After the remarks we had the chance to chat for a few minutes with Herman Wedemeyer, Jr. He is a kind and handsome man who looks very much like his father. I was really touched when he told me he had visited this web site and it had helped him to learn about his father.

Then the permanent exhibit was unveiled. In the center, Wedey's red #11 jersey is displayed, along with some wonderful pictures of him. The jersey was a full body affair that snapped at the crotch. The center display is flanked by two display cases on each side. Some of the memorabilia includes footballs and helmets that Wedey saved from his triumphs, his All-America certificate, which looks like it survived a narrow escape from a cigarette, and his induction certificate for the College Football Hall of Fame.

There were great pictures that covered Wedey's entire adult life. His political career was represented with a great piece of memorabilia -- a pamphlet that read "Put a Champion to Work for You" with a picture of Wedey in his black horn-rimmed "bebop" glasses. Trivia fans, take note: the same picture appears on Duke's ID card in the Five-O episode "Death is a Company Policy." Many of the folks present said that Wedey was on track to become governor before a severe heart attack forced him to quit politics and take up acting. Who would have guessed that this bad luck would lead to TV immortality?

Five-O was represented with a nice picture of Wedey with Jack Lord and several others, and an darling picture of him clowning with James MacArthur from the episode "A Distant Thunder." "Danno" is hamming in his Nazi uniform and Wedey is throwing a mock salute at the camera, looking very happy and silly.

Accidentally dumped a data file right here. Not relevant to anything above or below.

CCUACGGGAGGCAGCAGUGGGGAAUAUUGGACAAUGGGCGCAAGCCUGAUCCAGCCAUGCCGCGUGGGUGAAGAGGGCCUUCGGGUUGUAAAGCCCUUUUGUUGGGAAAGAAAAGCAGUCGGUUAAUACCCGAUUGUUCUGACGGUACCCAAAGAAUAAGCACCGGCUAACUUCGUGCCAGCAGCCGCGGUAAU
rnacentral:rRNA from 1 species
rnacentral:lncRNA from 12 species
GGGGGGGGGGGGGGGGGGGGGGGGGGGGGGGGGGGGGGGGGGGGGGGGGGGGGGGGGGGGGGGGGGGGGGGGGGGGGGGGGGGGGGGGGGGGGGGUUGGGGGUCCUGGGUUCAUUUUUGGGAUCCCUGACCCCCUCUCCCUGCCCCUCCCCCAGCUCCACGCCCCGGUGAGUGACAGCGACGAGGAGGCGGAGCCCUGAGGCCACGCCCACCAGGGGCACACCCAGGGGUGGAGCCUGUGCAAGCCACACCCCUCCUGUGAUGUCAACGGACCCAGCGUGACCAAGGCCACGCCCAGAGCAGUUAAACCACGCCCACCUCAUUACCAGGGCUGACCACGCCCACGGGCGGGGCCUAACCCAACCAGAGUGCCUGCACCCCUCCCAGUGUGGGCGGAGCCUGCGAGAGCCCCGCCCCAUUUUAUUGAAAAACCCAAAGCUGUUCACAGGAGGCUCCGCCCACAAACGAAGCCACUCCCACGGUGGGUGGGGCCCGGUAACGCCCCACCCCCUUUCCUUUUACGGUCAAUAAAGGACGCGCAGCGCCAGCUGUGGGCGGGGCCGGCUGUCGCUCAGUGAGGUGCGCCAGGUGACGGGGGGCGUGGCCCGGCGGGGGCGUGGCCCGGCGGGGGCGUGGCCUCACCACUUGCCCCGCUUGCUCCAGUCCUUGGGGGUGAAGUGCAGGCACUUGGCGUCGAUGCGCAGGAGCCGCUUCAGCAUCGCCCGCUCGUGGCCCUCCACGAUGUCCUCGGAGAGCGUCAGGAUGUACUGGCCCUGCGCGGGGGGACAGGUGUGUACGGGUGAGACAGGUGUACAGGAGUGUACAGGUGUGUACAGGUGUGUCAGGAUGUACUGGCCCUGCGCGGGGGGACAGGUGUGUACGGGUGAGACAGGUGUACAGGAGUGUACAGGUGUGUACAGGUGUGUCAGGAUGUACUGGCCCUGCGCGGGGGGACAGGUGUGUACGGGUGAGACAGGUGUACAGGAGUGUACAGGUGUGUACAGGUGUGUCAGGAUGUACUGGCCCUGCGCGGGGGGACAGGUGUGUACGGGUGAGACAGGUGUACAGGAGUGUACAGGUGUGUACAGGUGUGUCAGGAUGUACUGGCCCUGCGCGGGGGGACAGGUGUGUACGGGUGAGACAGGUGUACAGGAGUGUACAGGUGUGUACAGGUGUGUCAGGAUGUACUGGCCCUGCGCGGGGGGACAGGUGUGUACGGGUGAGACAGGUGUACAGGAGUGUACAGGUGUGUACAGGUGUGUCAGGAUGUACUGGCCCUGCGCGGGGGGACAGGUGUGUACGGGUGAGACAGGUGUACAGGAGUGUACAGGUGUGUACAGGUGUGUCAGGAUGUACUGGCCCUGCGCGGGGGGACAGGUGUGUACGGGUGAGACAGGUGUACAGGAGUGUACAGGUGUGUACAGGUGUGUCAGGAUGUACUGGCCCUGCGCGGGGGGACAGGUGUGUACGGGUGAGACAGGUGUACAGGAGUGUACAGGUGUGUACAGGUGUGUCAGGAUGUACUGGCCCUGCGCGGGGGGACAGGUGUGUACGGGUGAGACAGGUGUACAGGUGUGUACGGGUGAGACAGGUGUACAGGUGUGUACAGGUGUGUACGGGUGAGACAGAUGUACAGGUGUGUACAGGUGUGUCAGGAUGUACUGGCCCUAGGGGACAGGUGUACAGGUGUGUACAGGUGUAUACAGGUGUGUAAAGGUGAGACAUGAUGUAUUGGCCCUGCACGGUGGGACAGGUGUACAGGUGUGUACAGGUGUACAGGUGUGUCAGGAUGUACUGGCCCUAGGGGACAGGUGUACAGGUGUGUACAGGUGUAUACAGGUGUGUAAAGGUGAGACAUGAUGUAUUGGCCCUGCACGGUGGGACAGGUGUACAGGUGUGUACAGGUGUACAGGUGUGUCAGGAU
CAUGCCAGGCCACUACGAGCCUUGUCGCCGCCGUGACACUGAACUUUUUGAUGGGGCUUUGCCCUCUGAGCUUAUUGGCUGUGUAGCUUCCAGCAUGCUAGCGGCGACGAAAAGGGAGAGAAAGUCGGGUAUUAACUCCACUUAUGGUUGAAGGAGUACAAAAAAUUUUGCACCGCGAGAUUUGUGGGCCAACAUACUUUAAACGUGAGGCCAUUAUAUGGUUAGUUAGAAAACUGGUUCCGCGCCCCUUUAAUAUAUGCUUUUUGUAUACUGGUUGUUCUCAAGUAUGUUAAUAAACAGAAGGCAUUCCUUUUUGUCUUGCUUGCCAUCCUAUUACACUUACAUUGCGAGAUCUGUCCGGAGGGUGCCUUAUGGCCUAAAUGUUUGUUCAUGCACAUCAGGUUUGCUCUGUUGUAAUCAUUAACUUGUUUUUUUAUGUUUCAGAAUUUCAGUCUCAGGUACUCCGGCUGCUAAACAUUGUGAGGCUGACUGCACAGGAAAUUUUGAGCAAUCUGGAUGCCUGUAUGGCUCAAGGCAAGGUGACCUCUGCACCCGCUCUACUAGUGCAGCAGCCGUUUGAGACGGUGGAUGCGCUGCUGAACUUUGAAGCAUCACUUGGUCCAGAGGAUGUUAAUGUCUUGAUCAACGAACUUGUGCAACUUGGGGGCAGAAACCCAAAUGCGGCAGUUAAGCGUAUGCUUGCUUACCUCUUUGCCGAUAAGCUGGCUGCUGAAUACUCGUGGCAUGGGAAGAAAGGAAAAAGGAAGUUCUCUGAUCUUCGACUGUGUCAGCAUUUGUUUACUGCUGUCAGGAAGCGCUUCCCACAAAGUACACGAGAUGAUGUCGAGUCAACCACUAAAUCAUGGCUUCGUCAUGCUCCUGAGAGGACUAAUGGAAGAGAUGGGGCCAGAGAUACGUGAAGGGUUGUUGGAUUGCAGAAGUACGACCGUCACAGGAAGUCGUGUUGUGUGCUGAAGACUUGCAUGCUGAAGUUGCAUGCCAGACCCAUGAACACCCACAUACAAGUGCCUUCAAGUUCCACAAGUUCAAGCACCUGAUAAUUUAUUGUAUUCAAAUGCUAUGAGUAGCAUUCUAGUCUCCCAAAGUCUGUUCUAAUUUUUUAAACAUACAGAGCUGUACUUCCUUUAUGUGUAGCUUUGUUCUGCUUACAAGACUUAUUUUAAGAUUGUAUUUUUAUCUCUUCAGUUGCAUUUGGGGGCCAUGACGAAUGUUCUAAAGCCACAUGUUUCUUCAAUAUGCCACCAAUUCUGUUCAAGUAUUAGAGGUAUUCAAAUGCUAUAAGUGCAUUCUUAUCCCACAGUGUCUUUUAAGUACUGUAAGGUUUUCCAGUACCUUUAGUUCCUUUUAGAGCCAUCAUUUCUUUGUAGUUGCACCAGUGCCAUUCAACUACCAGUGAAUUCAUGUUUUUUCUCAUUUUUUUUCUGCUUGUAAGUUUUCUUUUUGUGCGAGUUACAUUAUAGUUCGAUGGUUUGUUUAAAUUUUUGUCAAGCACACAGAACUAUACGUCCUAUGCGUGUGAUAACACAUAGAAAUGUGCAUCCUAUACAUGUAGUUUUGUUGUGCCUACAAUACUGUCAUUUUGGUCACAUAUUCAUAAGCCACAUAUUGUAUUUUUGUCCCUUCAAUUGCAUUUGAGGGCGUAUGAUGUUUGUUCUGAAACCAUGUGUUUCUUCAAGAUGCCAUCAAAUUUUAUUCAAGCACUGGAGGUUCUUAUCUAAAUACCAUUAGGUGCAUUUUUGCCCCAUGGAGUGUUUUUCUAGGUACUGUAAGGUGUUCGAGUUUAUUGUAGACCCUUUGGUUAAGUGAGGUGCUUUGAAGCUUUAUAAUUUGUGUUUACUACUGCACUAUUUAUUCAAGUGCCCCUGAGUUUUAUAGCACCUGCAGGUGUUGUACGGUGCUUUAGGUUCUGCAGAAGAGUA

I was surprised to learn that Wedey was also an accomplished artist. One of his oil paintings of a Hawaii scene was in the exhibit. This was a hobby at which he was talented and prolific. Jack Lord was not the only artist on Hawaii Five-O!

The exhibit unveiling concluded with Wedey's grandsons draping several leis over the case.

After the brunch, everyone was invited to attend a football game on campus in which the Galloping Gaels of St. Mary's were facing Cal Poly. The Gaels are strictly a small-time team -- unlike in Wedey's day -- but their hearts are just as fierce as their predecessors. They put in four quarters of hard work and spirit before the buzzer sounded at Cal Poly 24, St. Mary's 21. At half-time, Wedey was honored yet again with remarks from the field, including interesting comments from Randy Andrada, Gaels football expert, and Ron Fimrite, Sports Illustrated writer. Both have written extensively about Herman Wedemeyer. We had a nice chat with George Clark, who produced a video on the St. Mary's Gaels.

After the game, we revisited the exhibit and were surprised to see many, many people excitedly streaming in to learn about Herman Wedemeyer. Not just older folks but young families were exclaiming over the photos and neat old memorabilia. Women were swooning over his pictures and men were swooning over his football stats, and almost everyone seemed tickled to see the Five-O photos. It was really touching to see the impact that this exceptional man had on a small school and how the greatness could still be felt and appreciated today.

Thanks to the kindness of St. Mary's archivist Linda Wobbe, we also had the chance to visit the college archives to learn more about this man and to gather some more great material to share with fans on this web site.

St. Mary's College is a special place. In this cynical time, it's hard not to be skeptical, but here the memories are genuine and sincere. The school showed its gratitude to a man who put them in the national spotlight and brought honor to the school, not only by his great play on the field, but his class and dignity off the field.

I left feeling that, like his fellow Hawaiian and sportsman Duke Kahanamoku, Herman Wedemeyer was a genuine Hawaiian ali'i. Like all of us, he was not perfect and he made some mistakes. But it was clear from everyone we met that people instinctively treated him like royalty and he conducted himself that way. He radiated a special magic that touched the lives of everyone who knew him and many more who were privileged just to be his fans.

It was a special weekend. I encourage anyone who is living or visiting in the San Francisco-Oakland area to make it a point to seek out St. Mary's College and view this exhibit to a great athlete, entertainer, and gentleman. The exhibit is on permanent display in the McKeon sports pavilion on the campus of St. Mary's College in Moraga, California.